The brackish water of the Madhumati River spreads across the whole upazila causing an outbreak of various water borne diseases Dhaka Tribune
River salinity in the region intensifies during dry season which invariably leads to significant shortage of drinking water and scarcity of water for irrigation in dry-season agriculture
The sudden rise in the salinity level of the Madhumati River in Tungipara upazila of Gopalganj is having a devastating effect on public health and the environment of the region.
River salinity in the region intensifies during the dry season (October to May), which invariably leads to a significant shortage of drinking water and scarcity of water for irrigation in dry-season agriculture.
Moreover, the brackish water spreads across the whole upazila, causing an outbreak of various water borne diseases.
In recent times, the number of patients at local hospitals suffering from water-borne diseases such as diarrhoea, cholera and typhoid has risen.
To combat the scarcity of potable water in Tungipara municipality, the Department of Public Health Engineering has been supplying 18,000 litres of purified water through a mobile water treatment plant every day.
Meanwhile, people of the remaining five unions, with limited sources of safe water have continued to contract water-borne diseases.
At the same time, as regional agriculture is mostly dependent on water from the Madhumati River, the livelihoods of farmers are now being threatened.
Robin Biswas, a farmer from Lebutala village, said that using saline water for irrigation during the dry seasons caused severe damage to crops.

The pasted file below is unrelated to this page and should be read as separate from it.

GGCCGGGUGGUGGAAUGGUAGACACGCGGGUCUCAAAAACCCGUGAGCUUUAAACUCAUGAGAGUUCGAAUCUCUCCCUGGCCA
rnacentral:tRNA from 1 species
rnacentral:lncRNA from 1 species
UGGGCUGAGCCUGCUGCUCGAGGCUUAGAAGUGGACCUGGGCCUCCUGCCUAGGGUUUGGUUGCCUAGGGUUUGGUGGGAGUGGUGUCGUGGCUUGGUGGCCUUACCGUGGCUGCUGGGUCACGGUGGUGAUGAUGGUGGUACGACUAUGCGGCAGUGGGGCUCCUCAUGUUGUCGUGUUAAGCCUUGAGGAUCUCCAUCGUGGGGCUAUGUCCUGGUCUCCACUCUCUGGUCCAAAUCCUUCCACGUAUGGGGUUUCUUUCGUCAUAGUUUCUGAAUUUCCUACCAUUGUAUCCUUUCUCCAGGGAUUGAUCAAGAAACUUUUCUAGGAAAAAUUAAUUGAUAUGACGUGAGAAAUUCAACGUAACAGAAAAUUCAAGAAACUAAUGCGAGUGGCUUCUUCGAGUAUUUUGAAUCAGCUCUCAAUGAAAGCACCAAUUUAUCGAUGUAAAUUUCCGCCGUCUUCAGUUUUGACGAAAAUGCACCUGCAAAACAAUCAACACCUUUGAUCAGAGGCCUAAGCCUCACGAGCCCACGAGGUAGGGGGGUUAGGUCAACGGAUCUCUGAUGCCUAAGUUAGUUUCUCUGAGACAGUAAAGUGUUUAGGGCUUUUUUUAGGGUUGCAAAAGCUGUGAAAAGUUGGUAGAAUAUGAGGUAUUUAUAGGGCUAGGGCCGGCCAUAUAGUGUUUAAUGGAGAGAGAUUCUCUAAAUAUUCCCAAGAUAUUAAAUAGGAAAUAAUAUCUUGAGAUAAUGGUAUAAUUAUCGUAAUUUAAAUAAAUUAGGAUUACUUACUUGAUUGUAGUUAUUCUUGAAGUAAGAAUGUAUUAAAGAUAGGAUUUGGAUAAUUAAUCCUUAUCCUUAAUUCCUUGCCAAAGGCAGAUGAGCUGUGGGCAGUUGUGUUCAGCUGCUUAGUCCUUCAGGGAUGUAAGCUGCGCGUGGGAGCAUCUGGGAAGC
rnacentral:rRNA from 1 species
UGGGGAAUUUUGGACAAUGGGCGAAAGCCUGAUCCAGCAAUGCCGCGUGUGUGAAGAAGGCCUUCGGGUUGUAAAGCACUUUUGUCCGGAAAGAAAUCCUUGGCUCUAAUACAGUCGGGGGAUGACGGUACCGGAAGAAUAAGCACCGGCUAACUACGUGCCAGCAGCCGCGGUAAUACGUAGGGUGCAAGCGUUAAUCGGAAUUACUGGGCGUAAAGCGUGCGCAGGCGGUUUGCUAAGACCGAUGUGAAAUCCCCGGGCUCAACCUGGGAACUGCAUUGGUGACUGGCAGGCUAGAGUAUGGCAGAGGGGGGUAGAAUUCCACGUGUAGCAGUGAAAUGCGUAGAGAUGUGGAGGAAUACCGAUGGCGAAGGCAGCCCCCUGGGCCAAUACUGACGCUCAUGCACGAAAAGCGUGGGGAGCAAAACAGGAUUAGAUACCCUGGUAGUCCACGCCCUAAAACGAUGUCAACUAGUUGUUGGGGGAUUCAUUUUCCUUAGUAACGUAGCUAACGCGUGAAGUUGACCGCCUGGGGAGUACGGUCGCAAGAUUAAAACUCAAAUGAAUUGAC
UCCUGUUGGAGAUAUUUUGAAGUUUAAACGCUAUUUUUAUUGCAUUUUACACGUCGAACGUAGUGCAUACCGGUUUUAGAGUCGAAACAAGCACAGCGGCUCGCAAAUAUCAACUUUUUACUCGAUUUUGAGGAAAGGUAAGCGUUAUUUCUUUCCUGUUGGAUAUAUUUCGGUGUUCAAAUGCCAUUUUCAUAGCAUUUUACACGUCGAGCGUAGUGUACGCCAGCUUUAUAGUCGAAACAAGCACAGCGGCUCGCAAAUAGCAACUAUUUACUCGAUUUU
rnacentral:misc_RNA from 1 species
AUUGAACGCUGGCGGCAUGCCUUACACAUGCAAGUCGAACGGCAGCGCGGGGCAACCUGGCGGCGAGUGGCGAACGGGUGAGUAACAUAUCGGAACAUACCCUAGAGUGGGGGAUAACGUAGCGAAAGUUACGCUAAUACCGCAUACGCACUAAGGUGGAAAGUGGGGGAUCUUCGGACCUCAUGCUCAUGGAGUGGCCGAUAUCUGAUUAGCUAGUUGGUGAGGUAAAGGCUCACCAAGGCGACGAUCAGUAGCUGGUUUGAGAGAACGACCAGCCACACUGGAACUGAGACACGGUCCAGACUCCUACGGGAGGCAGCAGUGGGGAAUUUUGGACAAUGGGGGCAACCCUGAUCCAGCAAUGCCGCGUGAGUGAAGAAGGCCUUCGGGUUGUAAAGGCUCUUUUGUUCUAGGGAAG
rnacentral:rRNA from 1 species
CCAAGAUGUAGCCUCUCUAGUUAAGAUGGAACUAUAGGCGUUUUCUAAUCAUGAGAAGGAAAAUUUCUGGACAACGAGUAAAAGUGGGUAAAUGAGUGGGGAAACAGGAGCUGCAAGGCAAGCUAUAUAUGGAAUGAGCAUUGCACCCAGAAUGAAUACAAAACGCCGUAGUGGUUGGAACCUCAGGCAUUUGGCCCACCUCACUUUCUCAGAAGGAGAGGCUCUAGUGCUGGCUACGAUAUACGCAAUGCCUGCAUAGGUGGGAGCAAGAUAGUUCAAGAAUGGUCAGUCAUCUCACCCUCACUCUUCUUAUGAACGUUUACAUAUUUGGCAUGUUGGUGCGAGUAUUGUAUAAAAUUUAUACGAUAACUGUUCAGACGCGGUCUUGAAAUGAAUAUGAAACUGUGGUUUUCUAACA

Mini Begum, a farmer from Kushli village, said crop production had declined at a time when production cost happened to be the highest.
Arun Biswas, from Gopalpur village, said: “Our lives have become miserable due to the crisis of potable water. By drinking saline water we are falling sick with various diseases.”
Upazila Agriculture Officer Jamal Uddin said the rising salinization in the Madhumati River was a yearly phenomenon that usually lasted three months and disappeared during the rainy season.
“Meanwhile, the saltwater contamination in the farmlands have resulted in lower yields and a decline in agricultural productivity. So, farmers have been asked to refrain from using river water for irrigation purposes,” he added.
Speaking on the issue, Upazila Health and Family Planning Officer Dr Jasim Uddin said: “Saline water is toxic to humans because your body is unable to get rid of the salt. Your body normally gets rid of excess salt by having the kidneys produce urine, but you need freshwater to dilute the salt in your body for the kidneys to work properly.”
“We are telling people to refrain from drinking saltwater and instead recommending boiling the water they get from deep tube wells or ponds,” he added.